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How difficult is it to find a job after college for computer programmers?

I want to go to college to learn how to program computers, but I'm wondering how the job market for computer programmers are? #computer #software #programming #java #developer

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David’s Answer

According to code.org, by 2020, there will be 1.4 million jobs in the computing field, but just 400,000 college computer science majors to fill them.

Good luck with your degree!

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Juwan’s Answer

Check out these websites to see how many job openings are out there:

  • https://linkedin.com/
  • https://angel.co/
  • https://www.glassdoor.com/

Additionally, what matters more is not to be "a" computer programmer but "competitive" one that can be attractive by any employers out there.

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Jason’s Answer

It depends a little on how good your college is at placement, but a good computer programmer will have a much easier time finding a job than most other careers you could choose.

FastCompany put up an article a couple of years ago called Why Coding is Still the Job Skill of the Future for Everyone. It pointed out that while the actual job title "Computer Programmer" is on the wane, the skill of computer programming is increasingly vital in a very wide variety of careers. I would also say that even saying that the job title "Computer Programmer" being on the decline is misleading as well because the Bureau of Labor Statistics treats "Computer Programmer", "Software Developer - Applications", and "Software Developer - Systems Software" as separate, but in practice the job descriptions for these fields is quite fluid.

When I was two years into my college degree (about 25 years ago), majoring in Mechanical Engineering, I took a required programming course and decided that is what I loved doing, so I decided to switch to Computer Science. My mother worried, "It seems like a lot of people are getting into that. Are you sure you'll be able to get a job after?" With the benefit of hindsight, that seems like a silly question. With the exception of a downturn for a few years in 2000, the job market has been very good for me and the gap between supply of and demand for good computer programmers is only getting wider.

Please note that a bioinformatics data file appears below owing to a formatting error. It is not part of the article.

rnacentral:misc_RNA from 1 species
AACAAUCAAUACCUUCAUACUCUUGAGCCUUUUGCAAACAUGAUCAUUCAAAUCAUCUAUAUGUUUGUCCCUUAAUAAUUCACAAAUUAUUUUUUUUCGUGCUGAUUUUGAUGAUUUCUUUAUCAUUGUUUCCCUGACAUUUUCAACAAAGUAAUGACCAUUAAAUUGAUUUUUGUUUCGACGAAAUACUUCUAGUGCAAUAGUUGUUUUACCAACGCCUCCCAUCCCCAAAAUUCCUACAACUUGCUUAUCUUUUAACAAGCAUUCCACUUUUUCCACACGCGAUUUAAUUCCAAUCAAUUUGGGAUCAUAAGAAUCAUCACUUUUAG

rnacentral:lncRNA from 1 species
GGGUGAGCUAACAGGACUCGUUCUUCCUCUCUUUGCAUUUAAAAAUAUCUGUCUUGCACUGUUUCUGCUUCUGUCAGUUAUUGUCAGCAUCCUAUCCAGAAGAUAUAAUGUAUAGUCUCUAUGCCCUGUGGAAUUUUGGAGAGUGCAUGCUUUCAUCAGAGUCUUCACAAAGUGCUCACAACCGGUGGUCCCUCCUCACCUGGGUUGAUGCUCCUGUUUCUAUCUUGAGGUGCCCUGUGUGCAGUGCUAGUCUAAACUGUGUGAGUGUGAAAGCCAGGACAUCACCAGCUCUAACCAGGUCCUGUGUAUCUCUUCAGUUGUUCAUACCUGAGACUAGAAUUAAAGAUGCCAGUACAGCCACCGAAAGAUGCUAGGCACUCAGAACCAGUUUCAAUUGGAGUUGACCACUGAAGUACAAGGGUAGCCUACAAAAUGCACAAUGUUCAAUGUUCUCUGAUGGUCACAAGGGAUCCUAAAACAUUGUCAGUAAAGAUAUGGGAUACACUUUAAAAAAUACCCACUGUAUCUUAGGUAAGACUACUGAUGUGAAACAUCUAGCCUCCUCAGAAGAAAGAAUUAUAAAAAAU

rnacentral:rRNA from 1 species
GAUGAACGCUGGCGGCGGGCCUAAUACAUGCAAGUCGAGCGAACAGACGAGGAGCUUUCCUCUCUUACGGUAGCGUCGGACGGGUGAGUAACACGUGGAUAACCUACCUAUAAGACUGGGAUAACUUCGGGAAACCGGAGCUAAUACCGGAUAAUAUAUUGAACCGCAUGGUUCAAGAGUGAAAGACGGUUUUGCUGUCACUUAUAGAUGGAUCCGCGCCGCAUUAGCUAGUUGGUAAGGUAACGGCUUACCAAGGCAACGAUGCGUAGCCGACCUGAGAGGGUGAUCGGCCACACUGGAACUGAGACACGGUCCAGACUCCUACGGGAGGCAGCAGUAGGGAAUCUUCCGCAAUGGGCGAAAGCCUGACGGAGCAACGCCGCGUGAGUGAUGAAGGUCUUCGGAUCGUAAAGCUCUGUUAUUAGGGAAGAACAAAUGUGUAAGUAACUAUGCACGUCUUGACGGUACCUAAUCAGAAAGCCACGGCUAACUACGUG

Jason recommends the following next steps:

Read "Why Coding Is Still The Most Important Job Skill Of The Future" to get a better feeling for the breadth of jobs where computer programming applies

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Morgan’s Answer

It is strong around the world and programmers and developers are being sourced from a lot of places. Don't be afraid to look outside of where your living to work however. A lot of programmers and developers are remote workers. I for example am based in Ireland, but work for a team based in Texas.

You might find that there are a number of small businesses within your area that are looking for projects and development work on a contract basis, so look at your local recruitment companies and keep an eye on monster and other job sites for short term contracts to get your experience up.

In the meantime, check out http://www.freelancer.com and start looking at the very short term work that people are looking for (you might also find some interesting ideas in there for college projects) and bid against some.

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Cinthya’s Answer

Tech is an on demand field at the moment.
I will say work on building your profile as soon as possible. As well as applying for internships to build up your resume.
So once you graduate you have a well rounded resume.

Cinthya recommends the following next steps:

Apply for intership
Feature your work in a portfolio
Keep adding to your portfolio
Build an online present (website) and a resume.

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Matt’s Answer

I think a lot of it is about how you try to find a job when you're graduating. When I was in college in the mid-90s, I started interviewing for internships and jobs two years before I graduated. I found that most of my competition was graduate students. Most of the undergrads did not even interview for jobs! If you contribute to open source and enjoy coding, you'll do just fine getting a job as a software engineer. I was able to double my salary within six months of graduating because I switched from full-time to contract. Good luck!